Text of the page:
Echocardiographic criteria of tamponade were examined by two dimensional and Doppler echocardiography. Two dimensional echocardiographic criteria of tamponade were early diastolic collapse of the right ventricle, late diastolic collapse of the right or left atrium, and plethora of the inferior vena cava with pericardial effusion4. Doppler echocardiographic criteria of tamponade were major increases of tricuspid E flow and major decreases of mitral E flow during inspiration compared with apnoea (with the reverse in expiration).
There are many clinical presentation of pericardial effusion. Pericardial disease is a common entity, pericardial tamponade is the usual presenting feature. It occurs in about 25% of all cases of pericardial effusion. Symptomatic pericardial effusions occur as a result of multiple disease processes and can be treated with many different procedures. Pericardiocentesis, transcutaneous pericardioscopic, pleura-pericardial window, and subxiphoid pericardial drainage4. Each of these surgical treatments can be effective, depending on clinical factors and the history of the patient. For this reason, the optimal procedure for treatment of these effusions remains controversial, and none of them is optimal for all patients and circumstances.
Pericardiocentesis is life saving in cardiac tamponade and indicated in effusions4. The most serious complications of pericardiocentesis are laceration and perforation of the myocardium and the coronary vessels. Safety was improved with echocardiographic or fluoroscopic guidance.
The ideal procedure should be easy to perform, result in minimal morbidity and mortality, ensure complete and permanent drainage, have infrequent recurrences, and provide sufficient histological, cytological, and microbiologic specimens for diagnosis of the cause of the effusion.
The potential advantages of subxiphoid pericardiostomy are direct visualisation and exploration of the pericardium and pericardial cavity, the ability to probe the pericardial cavity to allow for complete drainage, biopsy of the pericardium for pathological analysis, and placement of a larger calibre tube for better drainage. Video assisted transthoracic pericardial drainage has been touted as effective for preventing effusion recurrence through a large pericardial resection with the creation of a ‘‘pericardial window’’. It requires, however, general anaesthesia and single lung ventilation, procedures that are difficult in critically ill patients. In a series of 368 patients with pericardial effusion, subxiphoid pericardiostomy was performed under local anaesthesia with sedation (n = 346, 94%) or general anaesthesia (n = 22, 6%) during the 13 years between 1990 and 2003. General anaesthesia was preferred for children. Pericardiocentesis was performed as a temporary procedure on 15 of our 368 patients4.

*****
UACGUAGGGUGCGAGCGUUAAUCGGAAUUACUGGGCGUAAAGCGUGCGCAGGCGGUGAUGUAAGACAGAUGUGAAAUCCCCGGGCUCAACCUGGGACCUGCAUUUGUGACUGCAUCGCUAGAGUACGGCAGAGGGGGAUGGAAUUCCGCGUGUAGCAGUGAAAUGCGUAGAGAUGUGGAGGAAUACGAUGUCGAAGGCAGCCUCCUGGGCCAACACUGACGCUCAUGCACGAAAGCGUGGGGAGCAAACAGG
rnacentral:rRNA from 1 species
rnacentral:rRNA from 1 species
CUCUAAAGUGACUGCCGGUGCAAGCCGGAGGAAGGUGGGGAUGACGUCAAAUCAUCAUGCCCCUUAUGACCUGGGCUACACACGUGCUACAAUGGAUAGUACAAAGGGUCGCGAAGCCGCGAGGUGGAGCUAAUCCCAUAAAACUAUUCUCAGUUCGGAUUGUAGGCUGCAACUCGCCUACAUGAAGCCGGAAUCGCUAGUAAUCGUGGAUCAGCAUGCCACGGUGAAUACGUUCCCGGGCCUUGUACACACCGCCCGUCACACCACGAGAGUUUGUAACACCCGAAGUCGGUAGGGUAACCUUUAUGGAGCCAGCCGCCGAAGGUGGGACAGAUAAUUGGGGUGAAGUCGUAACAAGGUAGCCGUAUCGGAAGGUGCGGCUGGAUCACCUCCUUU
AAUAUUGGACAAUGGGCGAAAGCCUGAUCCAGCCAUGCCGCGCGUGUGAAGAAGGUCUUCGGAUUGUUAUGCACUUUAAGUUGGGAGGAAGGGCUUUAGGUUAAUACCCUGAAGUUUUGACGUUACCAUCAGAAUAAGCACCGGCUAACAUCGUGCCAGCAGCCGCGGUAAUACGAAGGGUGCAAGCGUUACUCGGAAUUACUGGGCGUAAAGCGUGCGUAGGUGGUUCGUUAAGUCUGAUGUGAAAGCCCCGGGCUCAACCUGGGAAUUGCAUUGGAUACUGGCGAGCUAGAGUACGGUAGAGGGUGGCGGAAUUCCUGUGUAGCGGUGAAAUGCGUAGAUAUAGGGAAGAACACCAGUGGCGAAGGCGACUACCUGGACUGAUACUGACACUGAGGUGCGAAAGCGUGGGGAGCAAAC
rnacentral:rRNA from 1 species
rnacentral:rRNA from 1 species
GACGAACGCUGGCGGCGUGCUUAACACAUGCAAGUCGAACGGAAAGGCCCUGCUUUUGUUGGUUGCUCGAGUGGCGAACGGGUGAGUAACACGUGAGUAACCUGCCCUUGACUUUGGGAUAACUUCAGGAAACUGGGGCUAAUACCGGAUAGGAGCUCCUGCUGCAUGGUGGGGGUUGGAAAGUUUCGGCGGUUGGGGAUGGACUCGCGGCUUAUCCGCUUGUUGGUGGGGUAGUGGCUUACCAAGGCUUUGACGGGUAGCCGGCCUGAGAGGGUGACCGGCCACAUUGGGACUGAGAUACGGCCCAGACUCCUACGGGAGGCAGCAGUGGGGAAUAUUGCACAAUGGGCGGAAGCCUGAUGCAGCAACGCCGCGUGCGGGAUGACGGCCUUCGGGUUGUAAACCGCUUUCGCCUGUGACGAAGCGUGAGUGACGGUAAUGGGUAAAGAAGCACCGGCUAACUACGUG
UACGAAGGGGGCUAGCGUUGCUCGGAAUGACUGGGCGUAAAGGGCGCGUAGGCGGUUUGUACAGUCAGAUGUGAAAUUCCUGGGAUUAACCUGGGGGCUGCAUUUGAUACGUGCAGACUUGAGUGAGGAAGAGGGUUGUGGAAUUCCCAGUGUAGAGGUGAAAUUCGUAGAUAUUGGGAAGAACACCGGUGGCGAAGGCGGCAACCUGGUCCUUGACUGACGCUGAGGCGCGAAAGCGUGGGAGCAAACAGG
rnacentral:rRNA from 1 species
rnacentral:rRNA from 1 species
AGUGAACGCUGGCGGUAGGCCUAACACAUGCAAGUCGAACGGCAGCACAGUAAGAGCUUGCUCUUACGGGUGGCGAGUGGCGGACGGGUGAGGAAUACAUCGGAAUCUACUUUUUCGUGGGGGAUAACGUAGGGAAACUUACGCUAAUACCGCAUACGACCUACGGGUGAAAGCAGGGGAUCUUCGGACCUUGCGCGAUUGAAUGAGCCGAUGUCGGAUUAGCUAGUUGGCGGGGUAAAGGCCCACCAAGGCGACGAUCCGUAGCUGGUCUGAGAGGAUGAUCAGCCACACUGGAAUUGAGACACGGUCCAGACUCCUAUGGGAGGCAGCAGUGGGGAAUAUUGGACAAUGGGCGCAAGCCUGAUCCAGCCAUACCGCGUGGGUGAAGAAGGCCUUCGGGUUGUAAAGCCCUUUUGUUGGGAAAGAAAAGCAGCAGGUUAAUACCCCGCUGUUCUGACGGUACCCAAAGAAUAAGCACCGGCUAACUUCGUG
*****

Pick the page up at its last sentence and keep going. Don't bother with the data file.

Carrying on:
Different methods and approaches are described, which are summarized below:
Needle aspiration. This method has been used for decades the advantages and disadvantages have been well described in previous reports.
2. Small plastic tube drainage. This method has a disadvantage, the small tube becomes plugged up and the pericardial fluid is left behind because of loculations.
3. Anterior thoracotomy with or without video-assisted thoracic surgery. This method at times necessitates a chest tube.